Hazel McHaffie

A Biblical tale retold

Famous historical characters like Thomas Cromwell and the wives of Henry VIII lend themselves to becoming the stars of fiction. We already know so much about them and their place in history; we’re curious about their backstory, fascinated by their peccadilloes. Indeed Hilary Mantell is currently writing the fourth in her series of encyclopaedic tomes about Cromwell – her first and second having both won the Man Booker prize. Who dosn’t know about him from history lessons, games, films, plays? And I’ve lost count of the novelists, the film-makers, the dramatists, who’ve recreated the six famous wives of the Tudor king.

But who’s ever heard of Dinah, daughter of Jacob, patriarch in Israel during Old Testament times? Very few, I suspect. Her more famous brother, Joseph – he of multi-coloured coat fame? – yes. The twelve tribes of Israel? – maybe. But Dinah? Her story fills a mere 31 verses in the first book of the Bible, Genesis 34, so hats off to an author who saw the potential here.

Essentially, Dinah is the only daughter of Jacob and his first wife Leah. She has twelve brothers, three stepmothers. They are a rough shepherd tribe living in close proximity in tents, but Jacob has flourished since branching out on his own away from a difficult father-in-law.

One day Dinah goes visiting some Canaanite women, and catches the eye of a chieftain’s son, Shechem, a Hivite. He desires her, takes her and rapes her. But his lust turns to love and he demands that his father gets Dinah for him as his wife.

The chief himself goes to plead his son’s cause, offering extravagant rewards and dowries if Jacob consents to the marriage. Jacob, however, is shocked to hear his virgin daughter has been defiled, and discusses the situation at length with his sons, her brothers. What should they do? The younger men are enraged at this insult and dream up a cunning plot. OK, they will consent to the liaison, they say, but it would be a disgrace and a grave dishonour for their sister to marry an uncircumcised man. The bride-price must also include the circumcision of every male in the groom’s family.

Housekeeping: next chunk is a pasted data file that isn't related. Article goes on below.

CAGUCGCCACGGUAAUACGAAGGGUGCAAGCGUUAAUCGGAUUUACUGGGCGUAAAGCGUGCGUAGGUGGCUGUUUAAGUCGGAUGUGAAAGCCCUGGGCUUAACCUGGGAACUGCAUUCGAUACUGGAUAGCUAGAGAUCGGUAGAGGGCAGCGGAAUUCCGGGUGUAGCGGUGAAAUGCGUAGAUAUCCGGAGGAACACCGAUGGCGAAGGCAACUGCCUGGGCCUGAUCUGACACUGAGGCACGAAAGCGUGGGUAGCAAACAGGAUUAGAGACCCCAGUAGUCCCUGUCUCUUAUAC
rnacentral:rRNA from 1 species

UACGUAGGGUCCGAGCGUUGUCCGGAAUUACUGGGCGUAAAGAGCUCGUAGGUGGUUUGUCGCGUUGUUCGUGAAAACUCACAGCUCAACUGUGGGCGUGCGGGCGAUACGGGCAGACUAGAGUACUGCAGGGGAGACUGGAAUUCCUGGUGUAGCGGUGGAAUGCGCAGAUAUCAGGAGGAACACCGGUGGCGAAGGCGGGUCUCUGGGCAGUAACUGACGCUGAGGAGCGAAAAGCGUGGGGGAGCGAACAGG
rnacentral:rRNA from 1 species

The young man is so besotted, and his father so bent on this marriage, that they waste no time in having the deed done, along with every male citizen of their city. Three days later when every man jack of them is still sore and feeling fragile, (and remember, this wasn’t delicate surgery under anaesthetic with four hourly pain relief thereafter!) two of Dinah’s brothers steal into the city and slaughter all the men, loot and plunder their goods, and take all the women and children (including Dinah), everything of value, away. When he hears of their murderous revenge, Jacob is horrified – now he’ll be hated by everyone around him, but the killers insist they absolutely could not allow their sister to be treated like a common prostitute.

In the hands of Anita Diamant, this ‘oldest love story never told‘ comes to vivid life. The title, The Red Tent, is derived from the name given to the exclusively female place where the women go to menstruate and recover from childbirth. Diamant, a Jewish journalist-cum-novelist, has subtly altered certain aspects of the story, and colourfully embellished it, but the result is a beautifully told tale of love and betrayal, of grief and family honour. It challenges the reader to consider the role of women at that time, the meaning of loyalty, the belief systems and complexities for a tribe worshipping a faceless, invisible God of Israel, alongside those who are steeped in the traditions and beliefs that surround gods they can see and touch and stroke and involve in their ceremonies and major life events.

A gripping and full-bodied tale revolving around the community and continuity of women, woven from an almost-throwaway incident in the age-old story of the beginnings of the nation of Israel. Or as one reviewer put it: A remarkable combination of historical research, biblical story, and sheer talent. Indeed. A fantastic read.

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